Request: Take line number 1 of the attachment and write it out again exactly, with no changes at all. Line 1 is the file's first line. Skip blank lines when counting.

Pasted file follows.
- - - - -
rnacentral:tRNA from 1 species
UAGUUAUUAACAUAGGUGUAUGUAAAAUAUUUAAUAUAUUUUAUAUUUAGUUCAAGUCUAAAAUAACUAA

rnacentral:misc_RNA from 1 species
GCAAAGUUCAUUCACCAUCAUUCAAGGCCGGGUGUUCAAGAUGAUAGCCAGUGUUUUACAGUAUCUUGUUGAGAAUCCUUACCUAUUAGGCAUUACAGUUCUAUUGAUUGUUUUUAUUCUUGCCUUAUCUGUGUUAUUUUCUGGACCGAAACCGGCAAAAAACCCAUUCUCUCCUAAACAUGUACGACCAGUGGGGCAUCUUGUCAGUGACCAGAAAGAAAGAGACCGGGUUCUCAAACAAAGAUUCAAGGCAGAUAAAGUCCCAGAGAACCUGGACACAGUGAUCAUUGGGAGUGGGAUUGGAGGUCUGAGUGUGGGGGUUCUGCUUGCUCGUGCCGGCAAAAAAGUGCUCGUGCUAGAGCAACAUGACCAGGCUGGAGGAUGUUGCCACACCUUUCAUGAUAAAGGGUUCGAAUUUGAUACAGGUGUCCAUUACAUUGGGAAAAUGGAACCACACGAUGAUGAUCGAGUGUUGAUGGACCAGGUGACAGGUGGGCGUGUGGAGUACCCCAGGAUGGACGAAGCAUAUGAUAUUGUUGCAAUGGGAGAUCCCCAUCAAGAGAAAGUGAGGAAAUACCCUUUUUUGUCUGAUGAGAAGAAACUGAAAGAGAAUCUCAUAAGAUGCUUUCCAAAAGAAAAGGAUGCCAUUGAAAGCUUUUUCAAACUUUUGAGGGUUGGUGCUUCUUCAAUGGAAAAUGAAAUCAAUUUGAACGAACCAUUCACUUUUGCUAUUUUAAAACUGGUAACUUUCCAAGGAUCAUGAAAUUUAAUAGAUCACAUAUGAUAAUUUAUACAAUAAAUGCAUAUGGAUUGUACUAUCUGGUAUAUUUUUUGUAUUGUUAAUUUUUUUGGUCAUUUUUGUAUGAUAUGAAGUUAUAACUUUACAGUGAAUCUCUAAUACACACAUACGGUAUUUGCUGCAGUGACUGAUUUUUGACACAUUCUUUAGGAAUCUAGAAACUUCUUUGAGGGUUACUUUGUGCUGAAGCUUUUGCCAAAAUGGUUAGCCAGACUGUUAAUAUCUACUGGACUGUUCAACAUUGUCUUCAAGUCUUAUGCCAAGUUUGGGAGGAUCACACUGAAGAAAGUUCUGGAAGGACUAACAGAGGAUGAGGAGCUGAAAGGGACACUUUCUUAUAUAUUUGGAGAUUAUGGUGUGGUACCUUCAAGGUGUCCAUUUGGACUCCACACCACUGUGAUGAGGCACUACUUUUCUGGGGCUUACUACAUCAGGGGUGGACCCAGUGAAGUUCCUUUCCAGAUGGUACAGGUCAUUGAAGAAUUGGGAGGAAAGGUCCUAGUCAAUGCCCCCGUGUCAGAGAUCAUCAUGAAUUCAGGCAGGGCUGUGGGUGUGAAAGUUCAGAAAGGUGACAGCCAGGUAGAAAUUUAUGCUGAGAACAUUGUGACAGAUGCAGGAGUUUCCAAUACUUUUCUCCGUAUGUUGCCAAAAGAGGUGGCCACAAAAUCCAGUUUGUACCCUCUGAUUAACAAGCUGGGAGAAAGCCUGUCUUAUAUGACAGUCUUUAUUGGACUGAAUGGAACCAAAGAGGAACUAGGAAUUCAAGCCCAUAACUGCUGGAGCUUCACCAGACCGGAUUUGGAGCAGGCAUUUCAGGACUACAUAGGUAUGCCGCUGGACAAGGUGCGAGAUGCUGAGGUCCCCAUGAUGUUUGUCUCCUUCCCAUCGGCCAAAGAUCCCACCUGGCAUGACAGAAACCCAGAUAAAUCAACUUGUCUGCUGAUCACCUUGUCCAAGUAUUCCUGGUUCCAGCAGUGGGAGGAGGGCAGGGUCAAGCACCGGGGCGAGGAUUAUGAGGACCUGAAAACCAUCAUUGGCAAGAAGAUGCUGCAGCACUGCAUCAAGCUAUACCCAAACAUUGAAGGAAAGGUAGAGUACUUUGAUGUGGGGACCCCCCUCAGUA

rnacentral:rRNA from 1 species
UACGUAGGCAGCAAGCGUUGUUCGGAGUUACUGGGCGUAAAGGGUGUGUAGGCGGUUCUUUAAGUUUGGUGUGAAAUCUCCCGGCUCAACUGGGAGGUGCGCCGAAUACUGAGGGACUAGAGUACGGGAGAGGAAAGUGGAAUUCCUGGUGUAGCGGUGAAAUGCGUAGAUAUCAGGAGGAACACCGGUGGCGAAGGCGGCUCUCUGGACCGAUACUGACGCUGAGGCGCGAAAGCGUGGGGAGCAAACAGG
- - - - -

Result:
rnacentral:tRNA from 1 species